|Recently, I was interviewed by Sara Shafer at AgWeb.com about how the trend of increasing farmland prices can affect your estate plan and the potential tax implications on the next generation when the time comes.
Farmer’s National Company released farmland sales data for the first half of 2022. After most of the Grain Belt states saw a 15%-30% jump in value of farmland in 2021, the data shows an additional increase of up to 20% in 2022. The impact of this data and the general farmland value trends can have a significant impact on your estate planning decisions.
My experience tells me that most farmers, if not all, undervalue their land. If most of a farmer’s assets are tied to the land, it is crucial to pay attention to how this impacts the overall value of your estate. Currently, the lifetime Federal estate tax exemption threshold is $12.06 million per person which means there is no estate tax imposed upon the legacy you leave to your heirs that is less than that amount.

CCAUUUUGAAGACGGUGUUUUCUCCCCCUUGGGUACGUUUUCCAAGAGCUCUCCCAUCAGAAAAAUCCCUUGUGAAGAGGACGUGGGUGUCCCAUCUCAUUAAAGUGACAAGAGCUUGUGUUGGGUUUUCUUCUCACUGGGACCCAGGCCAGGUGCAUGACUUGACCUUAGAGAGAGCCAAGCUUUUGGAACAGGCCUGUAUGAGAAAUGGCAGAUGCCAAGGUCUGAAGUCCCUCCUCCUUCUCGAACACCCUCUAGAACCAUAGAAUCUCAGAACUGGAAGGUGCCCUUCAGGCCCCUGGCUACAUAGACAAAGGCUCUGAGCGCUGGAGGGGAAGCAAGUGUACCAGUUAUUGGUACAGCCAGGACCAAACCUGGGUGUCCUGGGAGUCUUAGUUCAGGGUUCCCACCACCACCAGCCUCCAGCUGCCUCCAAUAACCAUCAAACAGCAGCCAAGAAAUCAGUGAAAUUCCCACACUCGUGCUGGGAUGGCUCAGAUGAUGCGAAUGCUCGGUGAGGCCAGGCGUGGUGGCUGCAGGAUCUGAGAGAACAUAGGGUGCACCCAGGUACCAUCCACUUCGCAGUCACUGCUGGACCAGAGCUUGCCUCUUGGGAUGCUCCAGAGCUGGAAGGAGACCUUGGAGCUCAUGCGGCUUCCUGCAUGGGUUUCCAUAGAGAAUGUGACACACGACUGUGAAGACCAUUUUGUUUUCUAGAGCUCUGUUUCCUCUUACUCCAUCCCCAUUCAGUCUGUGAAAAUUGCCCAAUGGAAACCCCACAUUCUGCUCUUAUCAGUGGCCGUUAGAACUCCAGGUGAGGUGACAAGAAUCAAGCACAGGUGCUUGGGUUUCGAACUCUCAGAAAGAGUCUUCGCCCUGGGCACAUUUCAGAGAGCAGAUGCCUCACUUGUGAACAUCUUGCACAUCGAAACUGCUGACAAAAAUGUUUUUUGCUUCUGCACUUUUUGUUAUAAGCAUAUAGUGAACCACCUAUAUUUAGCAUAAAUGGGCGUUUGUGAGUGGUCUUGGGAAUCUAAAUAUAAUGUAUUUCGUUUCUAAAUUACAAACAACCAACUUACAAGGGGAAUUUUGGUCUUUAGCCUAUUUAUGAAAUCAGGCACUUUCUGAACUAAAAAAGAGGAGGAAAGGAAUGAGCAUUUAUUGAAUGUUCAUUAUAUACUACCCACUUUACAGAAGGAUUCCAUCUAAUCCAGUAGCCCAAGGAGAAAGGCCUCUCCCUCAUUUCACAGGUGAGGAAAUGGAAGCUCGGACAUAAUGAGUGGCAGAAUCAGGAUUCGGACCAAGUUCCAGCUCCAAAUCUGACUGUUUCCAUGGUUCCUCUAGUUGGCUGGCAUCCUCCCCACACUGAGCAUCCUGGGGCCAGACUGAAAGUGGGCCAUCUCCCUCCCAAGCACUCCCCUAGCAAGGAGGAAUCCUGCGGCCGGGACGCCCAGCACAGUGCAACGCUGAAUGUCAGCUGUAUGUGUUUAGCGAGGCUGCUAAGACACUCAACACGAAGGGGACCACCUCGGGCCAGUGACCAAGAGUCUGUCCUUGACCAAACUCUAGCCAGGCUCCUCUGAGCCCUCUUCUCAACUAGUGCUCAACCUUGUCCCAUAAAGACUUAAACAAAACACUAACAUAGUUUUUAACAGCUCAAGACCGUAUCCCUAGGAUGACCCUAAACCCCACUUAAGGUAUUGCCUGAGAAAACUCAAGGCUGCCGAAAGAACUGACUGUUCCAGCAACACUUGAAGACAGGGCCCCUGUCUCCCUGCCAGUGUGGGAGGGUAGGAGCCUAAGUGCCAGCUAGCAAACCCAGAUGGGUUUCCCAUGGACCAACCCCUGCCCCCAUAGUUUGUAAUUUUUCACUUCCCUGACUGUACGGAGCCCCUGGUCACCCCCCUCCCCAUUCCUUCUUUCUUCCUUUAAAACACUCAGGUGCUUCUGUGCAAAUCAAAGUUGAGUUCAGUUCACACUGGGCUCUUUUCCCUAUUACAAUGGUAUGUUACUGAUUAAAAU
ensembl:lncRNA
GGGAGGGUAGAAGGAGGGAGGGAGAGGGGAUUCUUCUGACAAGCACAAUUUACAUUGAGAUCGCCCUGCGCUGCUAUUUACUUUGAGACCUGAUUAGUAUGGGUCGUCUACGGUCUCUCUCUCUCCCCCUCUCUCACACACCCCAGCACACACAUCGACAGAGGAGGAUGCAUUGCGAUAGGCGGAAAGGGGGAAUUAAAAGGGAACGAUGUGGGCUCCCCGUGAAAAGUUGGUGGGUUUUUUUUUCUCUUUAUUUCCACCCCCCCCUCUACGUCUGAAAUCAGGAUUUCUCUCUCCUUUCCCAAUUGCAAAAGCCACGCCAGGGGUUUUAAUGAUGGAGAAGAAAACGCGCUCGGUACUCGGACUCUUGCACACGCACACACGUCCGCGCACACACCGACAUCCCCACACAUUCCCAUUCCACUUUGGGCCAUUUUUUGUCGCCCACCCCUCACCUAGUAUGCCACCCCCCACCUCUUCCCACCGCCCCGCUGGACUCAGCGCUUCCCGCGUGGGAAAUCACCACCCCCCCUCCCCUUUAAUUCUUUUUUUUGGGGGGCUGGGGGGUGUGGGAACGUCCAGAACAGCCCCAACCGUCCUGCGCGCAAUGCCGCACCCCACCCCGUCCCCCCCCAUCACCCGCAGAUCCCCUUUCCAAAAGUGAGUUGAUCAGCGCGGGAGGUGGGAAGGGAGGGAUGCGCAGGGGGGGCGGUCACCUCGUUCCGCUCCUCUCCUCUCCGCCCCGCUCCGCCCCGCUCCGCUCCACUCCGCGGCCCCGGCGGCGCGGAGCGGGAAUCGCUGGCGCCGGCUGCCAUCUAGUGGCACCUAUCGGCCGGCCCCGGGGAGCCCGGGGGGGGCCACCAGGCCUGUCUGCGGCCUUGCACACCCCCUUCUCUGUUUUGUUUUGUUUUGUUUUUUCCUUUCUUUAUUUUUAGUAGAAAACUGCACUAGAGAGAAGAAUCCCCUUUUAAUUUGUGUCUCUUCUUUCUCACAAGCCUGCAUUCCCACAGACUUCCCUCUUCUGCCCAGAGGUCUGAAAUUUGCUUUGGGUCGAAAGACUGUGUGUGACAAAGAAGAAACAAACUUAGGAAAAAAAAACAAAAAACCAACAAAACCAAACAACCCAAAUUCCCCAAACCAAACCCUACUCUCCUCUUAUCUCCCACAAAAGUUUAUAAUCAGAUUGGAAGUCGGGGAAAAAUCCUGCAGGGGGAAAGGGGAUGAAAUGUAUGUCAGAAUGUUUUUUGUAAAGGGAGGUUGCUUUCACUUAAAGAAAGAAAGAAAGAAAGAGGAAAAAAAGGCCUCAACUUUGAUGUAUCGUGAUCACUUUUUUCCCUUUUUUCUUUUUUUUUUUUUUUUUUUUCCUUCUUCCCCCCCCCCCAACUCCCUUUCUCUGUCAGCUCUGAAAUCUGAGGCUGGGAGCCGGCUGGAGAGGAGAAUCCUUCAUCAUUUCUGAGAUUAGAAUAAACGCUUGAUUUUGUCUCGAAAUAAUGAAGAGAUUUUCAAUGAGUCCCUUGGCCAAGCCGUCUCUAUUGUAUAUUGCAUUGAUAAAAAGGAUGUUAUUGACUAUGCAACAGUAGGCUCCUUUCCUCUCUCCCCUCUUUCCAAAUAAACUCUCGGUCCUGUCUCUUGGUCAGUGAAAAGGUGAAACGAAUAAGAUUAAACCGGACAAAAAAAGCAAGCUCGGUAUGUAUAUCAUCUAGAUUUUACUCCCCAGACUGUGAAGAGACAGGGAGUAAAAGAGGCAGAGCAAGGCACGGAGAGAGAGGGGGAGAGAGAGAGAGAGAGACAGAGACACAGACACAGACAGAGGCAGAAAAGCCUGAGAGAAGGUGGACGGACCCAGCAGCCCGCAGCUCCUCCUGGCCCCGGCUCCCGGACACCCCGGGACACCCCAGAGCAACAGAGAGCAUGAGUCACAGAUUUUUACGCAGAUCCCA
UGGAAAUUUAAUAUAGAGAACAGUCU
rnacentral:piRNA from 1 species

After 2025, however, the exemption is expected to drop to approximately $7 million per person and will result in a large tax liability for many more farmer and rancher families. This result is something that you may not have anticipated at the time you drew up your existing estate plan.
The only true measure of the value of your farmland is to offer it for sale. What your neighbors are willing to pay is usually within the current market range. Your other option is to have a formal appraisal of your assets, a step that is very important if you are taking your estate planning process seriously.
If North Dakota’s current average farmland sale price per acre sits at $8,200, a 1,000-acre farm could already be worth $8.2 million according to AgWeb.com/Land_Value. Proper valuation and professional estate planning can help minimize tax liabilities for both you and your heirs for generations.
Here’s a link to the entire article on AgWeb.com.